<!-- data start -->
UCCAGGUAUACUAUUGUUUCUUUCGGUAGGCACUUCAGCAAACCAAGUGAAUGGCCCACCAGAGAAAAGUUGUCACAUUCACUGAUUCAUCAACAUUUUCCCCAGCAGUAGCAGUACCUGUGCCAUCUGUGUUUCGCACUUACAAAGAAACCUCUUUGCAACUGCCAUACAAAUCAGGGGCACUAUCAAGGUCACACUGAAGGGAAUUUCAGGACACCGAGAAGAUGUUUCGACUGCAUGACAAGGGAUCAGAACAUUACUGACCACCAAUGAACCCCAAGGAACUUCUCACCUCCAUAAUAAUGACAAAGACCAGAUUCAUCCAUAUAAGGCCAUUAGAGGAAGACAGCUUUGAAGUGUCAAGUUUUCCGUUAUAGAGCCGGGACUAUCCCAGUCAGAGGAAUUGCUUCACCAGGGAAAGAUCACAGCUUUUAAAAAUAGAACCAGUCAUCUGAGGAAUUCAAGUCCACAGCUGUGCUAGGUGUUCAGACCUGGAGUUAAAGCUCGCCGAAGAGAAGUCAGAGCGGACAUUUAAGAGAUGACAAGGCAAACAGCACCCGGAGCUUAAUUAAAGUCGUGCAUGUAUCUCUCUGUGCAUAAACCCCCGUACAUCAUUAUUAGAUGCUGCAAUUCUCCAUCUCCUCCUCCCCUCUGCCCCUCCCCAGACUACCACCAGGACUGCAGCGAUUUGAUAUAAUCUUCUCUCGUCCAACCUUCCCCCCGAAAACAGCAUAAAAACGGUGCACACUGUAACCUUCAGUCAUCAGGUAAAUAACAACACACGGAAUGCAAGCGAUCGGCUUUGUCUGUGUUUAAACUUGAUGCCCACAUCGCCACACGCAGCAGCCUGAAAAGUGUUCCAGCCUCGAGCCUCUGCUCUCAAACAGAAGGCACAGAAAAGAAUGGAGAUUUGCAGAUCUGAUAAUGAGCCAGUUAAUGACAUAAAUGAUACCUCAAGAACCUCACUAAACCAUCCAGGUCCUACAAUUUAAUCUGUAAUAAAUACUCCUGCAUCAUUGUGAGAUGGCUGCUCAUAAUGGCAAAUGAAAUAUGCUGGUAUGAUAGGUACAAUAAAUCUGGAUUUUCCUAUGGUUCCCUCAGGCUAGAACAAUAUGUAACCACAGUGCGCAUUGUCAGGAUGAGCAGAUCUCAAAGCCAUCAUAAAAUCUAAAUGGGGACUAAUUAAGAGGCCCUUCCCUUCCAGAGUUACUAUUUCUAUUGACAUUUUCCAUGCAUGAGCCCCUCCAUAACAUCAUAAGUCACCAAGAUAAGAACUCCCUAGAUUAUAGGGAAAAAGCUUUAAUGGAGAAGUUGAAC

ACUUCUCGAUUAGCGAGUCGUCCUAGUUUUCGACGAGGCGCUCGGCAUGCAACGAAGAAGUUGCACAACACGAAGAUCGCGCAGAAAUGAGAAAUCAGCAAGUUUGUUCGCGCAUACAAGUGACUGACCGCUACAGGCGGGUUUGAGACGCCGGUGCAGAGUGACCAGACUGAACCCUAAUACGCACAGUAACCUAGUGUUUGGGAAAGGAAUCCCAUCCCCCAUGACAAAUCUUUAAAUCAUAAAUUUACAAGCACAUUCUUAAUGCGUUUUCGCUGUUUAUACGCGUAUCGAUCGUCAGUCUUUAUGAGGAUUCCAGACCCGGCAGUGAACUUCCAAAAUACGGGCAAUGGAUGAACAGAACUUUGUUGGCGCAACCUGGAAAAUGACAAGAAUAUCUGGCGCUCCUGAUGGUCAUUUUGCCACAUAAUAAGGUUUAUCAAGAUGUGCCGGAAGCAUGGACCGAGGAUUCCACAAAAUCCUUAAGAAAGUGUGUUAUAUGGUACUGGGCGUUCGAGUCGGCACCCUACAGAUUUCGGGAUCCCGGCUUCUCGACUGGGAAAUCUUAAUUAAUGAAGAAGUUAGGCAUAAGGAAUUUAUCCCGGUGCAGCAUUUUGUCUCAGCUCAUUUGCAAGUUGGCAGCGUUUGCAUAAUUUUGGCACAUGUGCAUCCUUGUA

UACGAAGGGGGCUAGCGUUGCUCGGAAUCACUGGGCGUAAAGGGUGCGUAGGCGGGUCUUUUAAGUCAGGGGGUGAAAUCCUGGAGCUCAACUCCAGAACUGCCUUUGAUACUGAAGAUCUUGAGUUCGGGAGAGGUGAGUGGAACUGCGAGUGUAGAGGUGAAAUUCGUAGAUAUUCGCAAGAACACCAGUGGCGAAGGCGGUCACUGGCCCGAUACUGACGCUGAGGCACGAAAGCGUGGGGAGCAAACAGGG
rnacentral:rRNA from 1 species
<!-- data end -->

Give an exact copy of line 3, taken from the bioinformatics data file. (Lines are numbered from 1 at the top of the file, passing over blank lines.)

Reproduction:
UACGAAGGGGGCUAGCGUUGCUCGGAAUCACUGGGCGUAAAGGGUGCGUAGGCGGGUCUUUUAAGUCAGGGGGUGAAAUCCUGGAGCUCAACUCCAGAACUGCCUUUGAUACUGAAGAUCUUGAGUUCGGGAGAGGUGAGUGGAACUGCGAGUGUAGAGGUGAAAUUCGUAGAUAUUCGCAAGAACACCAGUGGCGAAGGCGGUCACUGGCCCGAUACUGACGCUGAGGCACGAAAGCGUGGGGAGCAAACAGGG